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Accepted Paper:

Growing up on bitter eggshells: child soldiers in Northern Uganda  
Iris Marchand (University of Edinburgh)

Paper short abstract:

Do child soldiers need to display regret or apologise for atrocious crimes they committed during a war in which they were both perpetrator and victim? This paper explores this question, with ethnographic examples from three child soldiers in Northern Uganda in 2005.

Paper long abstract:

Violent conflicts that involve murder, torture, maiming bodies, and psychological manipulation, create categories of victims and perpetrators. Yet victims and perpetrators cannot always be easily distinguished. This paper reflects upon the lives of three child soldiers in Northern Uganda during the LRA (Lord’s Resistance Army) conflict, based on ethnographic fieldwork in 2005. In 2005 the International Criminal Court (ICC) listed the LRA war as a case of international concern and responsibility. The ICC intervention met with mixed levels of appreciation. The Acholi people have their own justice system, based on confession and forgiveness (mato oput). The devastating atrocities and injustices committed during the war would not be reconciled by locking up Kony and his companions thousands of miles away in a cell in The Hague. Mato oput is about apology and regret, directly from perpetrator to victim, in a communal ritual including the stepping on an egg and drinking from a bitter root. Yet the definition of perpetrator and victim was blurred during the LRA conflict. This paper asks who or what is to be held accountable for the traumatic transformation of children growing up in this warzone, forcefully educated to kill, maim, rape, loot, and destroy. Despite the crimes against humanity they are now asked to say sorry for, these children were entangled in a complex system of power politics. This paper seeks to critically discuss the meaning of ‘regret’ in this context, and whether or not an apology for their actions should be expected from former child soldiers.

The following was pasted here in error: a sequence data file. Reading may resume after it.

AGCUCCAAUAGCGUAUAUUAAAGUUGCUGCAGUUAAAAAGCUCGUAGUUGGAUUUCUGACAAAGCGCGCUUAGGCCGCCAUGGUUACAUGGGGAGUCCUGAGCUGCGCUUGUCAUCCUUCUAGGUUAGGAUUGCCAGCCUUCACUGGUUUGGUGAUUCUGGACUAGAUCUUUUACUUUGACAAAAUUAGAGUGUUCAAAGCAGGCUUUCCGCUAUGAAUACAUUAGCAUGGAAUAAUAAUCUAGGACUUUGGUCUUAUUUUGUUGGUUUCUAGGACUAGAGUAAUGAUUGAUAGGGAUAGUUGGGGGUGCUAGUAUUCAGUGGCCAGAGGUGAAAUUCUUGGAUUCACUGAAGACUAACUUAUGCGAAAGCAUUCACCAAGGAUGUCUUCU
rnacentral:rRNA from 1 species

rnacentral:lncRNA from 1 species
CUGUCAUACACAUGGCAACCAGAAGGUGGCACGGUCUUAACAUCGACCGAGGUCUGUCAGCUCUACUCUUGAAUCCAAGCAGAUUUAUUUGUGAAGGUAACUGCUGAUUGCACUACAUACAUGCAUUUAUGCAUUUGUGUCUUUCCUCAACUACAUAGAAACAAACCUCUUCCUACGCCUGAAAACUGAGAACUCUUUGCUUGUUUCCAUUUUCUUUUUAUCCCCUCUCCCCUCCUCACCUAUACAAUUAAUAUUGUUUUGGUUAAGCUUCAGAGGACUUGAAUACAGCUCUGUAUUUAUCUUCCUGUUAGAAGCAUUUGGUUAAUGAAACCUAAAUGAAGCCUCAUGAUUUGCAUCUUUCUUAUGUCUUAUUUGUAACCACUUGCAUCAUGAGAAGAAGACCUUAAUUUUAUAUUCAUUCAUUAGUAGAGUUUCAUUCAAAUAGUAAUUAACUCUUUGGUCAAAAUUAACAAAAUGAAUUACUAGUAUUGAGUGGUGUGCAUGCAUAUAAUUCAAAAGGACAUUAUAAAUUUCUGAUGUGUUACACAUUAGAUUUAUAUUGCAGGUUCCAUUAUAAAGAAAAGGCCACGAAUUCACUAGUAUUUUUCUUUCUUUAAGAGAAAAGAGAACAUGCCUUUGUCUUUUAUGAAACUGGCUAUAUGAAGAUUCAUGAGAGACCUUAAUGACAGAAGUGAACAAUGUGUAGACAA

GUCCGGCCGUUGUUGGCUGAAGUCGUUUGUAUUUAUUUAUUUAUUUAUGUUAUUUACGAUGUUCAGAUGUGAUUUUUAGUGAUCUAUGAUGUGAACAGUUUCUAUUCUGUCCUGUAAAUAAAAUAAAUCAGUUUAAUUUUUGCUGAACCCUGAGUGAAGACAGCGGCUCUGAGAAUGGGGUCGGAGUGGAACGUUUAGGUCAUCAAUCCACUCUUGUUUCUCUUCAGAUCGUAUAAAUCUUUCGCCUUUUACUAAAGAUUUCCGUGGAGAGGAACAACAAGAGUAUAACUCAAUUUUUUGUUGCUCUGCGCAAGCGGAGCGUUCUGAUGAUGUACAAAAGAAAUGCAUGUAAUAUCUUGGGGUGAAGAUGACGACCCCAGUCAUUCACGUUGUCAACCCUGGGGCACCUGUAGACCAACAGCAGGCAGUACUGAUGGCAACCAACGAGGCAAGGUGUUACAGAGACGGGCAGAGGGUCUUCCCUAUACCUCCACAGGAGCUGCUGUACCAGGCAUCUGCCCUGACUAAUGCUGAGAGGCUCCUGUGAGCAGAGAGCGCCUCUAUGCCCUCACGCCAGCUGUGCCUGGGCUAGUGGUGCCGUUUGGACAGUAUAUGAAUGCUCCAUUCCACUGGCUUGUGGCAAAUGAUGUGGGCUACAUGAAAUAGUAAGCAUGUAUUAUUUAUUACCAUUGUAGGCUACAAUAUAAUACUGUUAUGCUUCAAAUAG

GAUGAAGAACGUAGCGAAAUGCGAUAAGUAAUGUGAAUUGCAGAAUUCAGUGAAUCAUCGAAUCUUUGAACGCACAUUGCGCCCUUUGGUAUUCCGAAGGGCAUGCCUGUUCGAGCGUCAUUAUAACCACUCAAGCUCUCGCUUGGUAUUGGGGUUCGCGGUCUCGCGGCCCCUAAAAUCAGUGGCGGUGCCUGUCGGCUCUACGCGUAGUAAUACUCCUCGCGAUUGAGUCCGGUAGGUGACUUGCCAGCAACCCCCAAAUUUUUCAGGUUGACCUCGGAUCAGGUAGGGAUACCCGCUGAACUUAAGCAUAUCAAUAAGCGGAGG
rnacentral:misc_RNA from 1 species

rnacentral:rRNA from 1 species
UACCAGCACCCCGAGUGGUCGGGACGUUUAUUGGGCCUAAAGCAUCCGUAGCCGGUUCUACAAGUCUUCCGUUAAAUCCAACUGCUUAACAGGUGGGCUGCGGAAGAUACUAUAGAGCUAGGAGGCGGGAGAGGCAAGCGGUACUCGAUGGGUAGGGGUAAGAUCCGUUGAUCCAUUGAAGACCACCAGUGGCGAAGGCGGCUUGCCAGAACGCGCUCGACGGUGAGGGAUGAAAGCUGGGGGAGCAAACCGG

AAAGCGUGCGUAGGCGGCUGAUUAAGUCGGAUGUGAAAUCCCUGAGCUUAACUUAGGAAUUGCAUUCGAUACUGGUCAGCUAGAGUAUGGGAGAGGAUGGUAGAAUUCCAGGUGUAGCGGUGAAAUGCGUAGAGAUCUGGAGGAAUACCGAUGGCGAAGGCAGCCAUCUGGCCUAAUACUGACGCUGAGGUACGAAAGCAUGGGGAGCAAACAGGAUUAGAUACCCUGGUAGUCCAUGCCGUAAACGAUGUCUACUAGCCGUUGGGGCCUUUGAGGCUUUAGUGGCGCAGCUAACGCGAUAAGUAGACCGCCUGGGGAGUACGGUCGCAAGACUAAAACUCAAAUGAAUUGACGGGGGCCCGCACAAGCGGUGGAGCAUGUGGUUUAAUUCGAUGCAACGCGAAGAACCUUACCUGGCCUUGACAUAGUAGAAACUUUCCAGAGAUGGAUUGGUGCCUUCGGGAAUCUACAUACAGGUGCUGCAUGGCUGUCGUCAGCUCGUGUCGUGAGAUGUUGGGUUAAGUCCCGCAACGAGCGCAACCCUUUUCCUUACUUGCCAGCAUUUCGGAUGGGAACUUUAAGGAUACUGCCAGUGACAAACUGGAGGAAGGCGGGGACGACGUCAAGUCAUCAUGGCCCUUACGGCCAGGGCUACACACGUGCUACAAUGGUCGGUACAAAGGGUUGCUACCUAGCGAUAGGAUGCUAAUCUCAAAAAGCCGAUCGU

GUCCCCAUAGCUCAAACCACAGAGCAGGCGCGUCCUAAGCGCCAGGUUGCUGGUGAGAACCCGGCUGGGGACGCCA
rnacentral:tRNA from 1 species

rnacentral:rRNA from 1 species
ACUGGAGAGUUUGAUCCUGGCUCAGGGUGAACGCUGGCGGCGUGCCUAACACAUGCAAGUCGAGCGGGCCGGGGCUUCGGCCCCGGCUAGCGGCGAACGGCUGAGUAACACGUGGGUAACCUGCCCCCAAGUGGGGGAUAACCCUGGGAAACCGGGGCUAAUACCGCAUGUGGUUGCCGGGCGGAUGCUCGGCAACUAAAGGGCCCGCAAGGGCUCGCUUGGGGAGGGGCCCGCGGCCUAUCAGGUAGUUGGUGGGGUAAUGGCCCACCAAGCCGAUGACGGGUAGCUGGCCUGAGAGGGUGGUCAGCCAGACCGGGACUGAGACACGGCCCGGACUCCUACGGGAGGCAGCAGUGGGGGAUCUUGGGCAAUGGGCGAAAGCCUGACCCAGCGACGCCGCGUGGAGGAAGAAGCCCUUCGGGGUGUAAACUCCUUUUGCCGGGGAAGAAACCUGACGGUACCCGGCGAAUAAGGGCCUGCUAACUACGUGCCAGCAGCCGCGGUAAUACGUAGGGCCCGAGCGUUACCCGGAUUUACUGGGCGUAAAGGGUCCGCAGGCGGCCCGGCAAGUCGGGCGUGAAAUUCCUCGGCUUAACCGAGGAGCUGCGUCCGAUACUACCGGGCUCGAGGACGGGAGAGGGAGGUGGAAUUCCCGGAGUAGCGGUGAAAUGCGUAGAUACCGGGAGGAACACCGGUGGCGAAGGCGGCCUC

Panel Mora06b
Retrospective regrets and contemporary apologies II
  Session 1 Wednesday 31 March, 2021, -